Zindashti currently resides in Iran. Ryan and Pearson are currently incarcerated in Canada on unrelated offenses.
Pursuant to today’s designations, Zindashti and several of his key associates are prohibited from engaging in any transaction or dealing that involves a U.S. person or occurs in the United States.
“Iranian groups trying to murder U.S. residents on U.S. soil”
“To those in Iran who plot murders on U.S. soil and the criminal actors who work with them, let today’s charges send a clear message: the Department of Justice will pursue you as long as it takes – and wherever you are – and deliver justice,” said Assistant Attorney General Matthew G. Olsen of the Justice Department’s National Security Division.
“Today’s charges show a pattern of Iranian groups trying to murder U.S. residents on U.S. soil,” said Assistant Director Suzanne Turner of the FBI’s Counterintelligence Division. “Mr. Zindashti and his accomplices’ alleged plot is reprehensible, and the FBI will not tolerate such acts against U.S. residents, and we will continue to pursue these individuals until they are brought to the U.S. to face justice.”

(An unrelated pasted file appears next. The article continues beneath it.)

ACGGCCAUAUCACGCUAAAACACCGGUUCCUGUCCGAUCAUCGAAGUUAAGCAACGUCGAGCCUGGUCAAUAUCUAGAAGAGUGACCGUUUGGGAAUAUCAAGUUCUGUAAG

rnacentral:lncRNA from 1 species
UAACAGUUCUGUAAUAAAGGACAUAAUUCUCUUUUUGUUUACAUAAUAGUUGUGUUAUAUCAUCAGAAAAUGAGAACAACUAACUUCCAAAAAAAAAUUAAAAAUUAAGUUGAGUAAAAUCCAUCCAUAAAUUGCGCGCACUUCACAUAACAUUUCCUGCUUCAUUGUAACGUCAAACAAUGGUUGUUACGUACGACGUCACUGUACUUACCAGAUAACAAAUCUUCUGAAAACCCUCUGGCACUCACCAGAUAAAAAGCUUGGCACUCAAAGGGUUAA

Iran’s modus operandi: Vicious gang bosses do its dirty work
This isn’t the first time Iran’s intelligence service has been connected to a murder plot involving hardened gangsters. In the Netherlands, Iran allegedly recruited the notorious Moroccan Mafia to eliminate two of their enemies.
On the morning of December 15, 2015, 56-year-old electrician Ali Motamed was shot in the head by a hitman in front of his rowhouse in the very mundane city of Almere, near Amsterdam. Motamed was really Mohammad Reza Kolahi Samadi, a member of the People's Mujahedin of Iran, who, according to Iranian authorities, was the mastermind behind the 1981 bombing of the headquarters of the Islamic Republican Party, killing over 70 officials.
The assassins were working on orders from Moroccan Dutch drug boss Naoufal Fassih, a close associate of Moroccan Dutch crime boss Ridouan Taghi. A fellow gangster once gave the following description of Fassih: “Naoufal is someone, he will cut you into pieces”. Alleging that he killed so many people he could fill a cemetery but leaves few traces. “Naoufal once shot a guy in the leg. He was sent to prison, came out, and shot the guy in his leg AGAIN! To call him crazy is putting it mildly.”
Fassih was sentenced to 18 years in prison in 2018 after being found guilty of the attempted murder of an underworld rival.
In 2017, an assassin shot several bullets into Ahmad Mola Nissi, the leader of the Iranian separatist group Arab Struggle Movement for the Liberation of Ahwaz. Nissi died in front of his house in The Hague. He had been living in the Netherlands for over a decade. Dutch investigators believe a criminal organization from the port city of Rotterdam was involved in this hit, but that it was ordered by figures in Iran.